The CFD market works both ways, and the trader can take advantage of rising or falling price movements. For example, suppose the value of an asset you own increases. In that case, you offer your holding for sale, and the subtraction of the opening (purchase) price from the closing (sales) price determines your profit, which will be added to your brokerage account. Otherwise, if you predict a falling movement for the price of a particular asset, you open a sell position and close the position by placing a buy order on your predicted pip.
Similarities Between CFD and FOREX
CFD and Forex have several similar characteristics. The first similarity is that the trader can place long and short orders, and the cost of the order in both markets is calculated based on the spread. Second, in both markets, the buyer does not physically hold the possession of an asset but instead benefits from the markets’ fluctuations between opening and closing a position. For example, when you trade EUR for USD in Forex, you do not possess any EUR. The next common ground between Forex and CFD is the market they use; they both operate OTC market. In an OTC deal, the transactions take place in a decentralized network of different financial institutions. Also, CFD and Forex share the same platforms with similar features and pricing methods, so the traders will not need to shift between platforms to make their transactions.
Differences Between CFD and FOREX
The primary difference between Forex and CFD is that Forex is limited to currencies while CFD covers a wide range of assets. As a result, trading in Forex is less demanding compared to CFD, which is somewhat complex and more suitable for expert traders. The second difference concerns the contract size, while in Forex, there is a fixed set of lot sizes for every transaction. In CFD, the contract size is more flexible and varies across different instruments. The third differing characteristic is that of market influence; price movements in Forex are affected mainly by macroeconomic and significant political events, but in CFD, other relatively minor elements such as supply and demand, seasonality, intra-company changes etc. also affect the price movements. The last point here refers to the cost of trading, which in both markets is measured according to the spread, but in CFD, other charges such as commission and financing costs might be added.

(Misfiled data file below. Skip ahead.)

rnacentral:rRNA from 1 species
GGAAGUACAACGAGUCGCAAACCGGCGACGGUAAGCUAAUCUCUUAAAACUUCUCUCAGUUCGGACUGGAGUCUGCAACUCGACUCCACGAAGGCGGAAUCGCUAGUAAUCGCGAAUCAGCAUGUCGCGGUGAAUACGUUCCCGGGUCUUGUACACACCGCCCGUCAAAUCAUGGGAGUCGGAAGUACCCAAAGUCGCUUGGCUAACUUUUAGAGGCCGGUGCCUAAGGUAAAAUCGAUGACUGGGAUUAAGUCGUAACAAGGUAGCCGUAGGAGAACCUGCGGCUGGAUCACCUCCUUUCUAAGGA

Forex and CFD have specific characteristics which make them suitable for certain traders. For example, Forex is more suitable for traders who do not want to dedicate a lot of their time to trading or are not experts in financial concepts. On the other hand, CFD opens a broader horizon for traders and allows them to have a more extensive and more diverse portfolio than Forex. But it also requires the traders to constantly follow the market and be aware of the multiple factors that may influence their capital.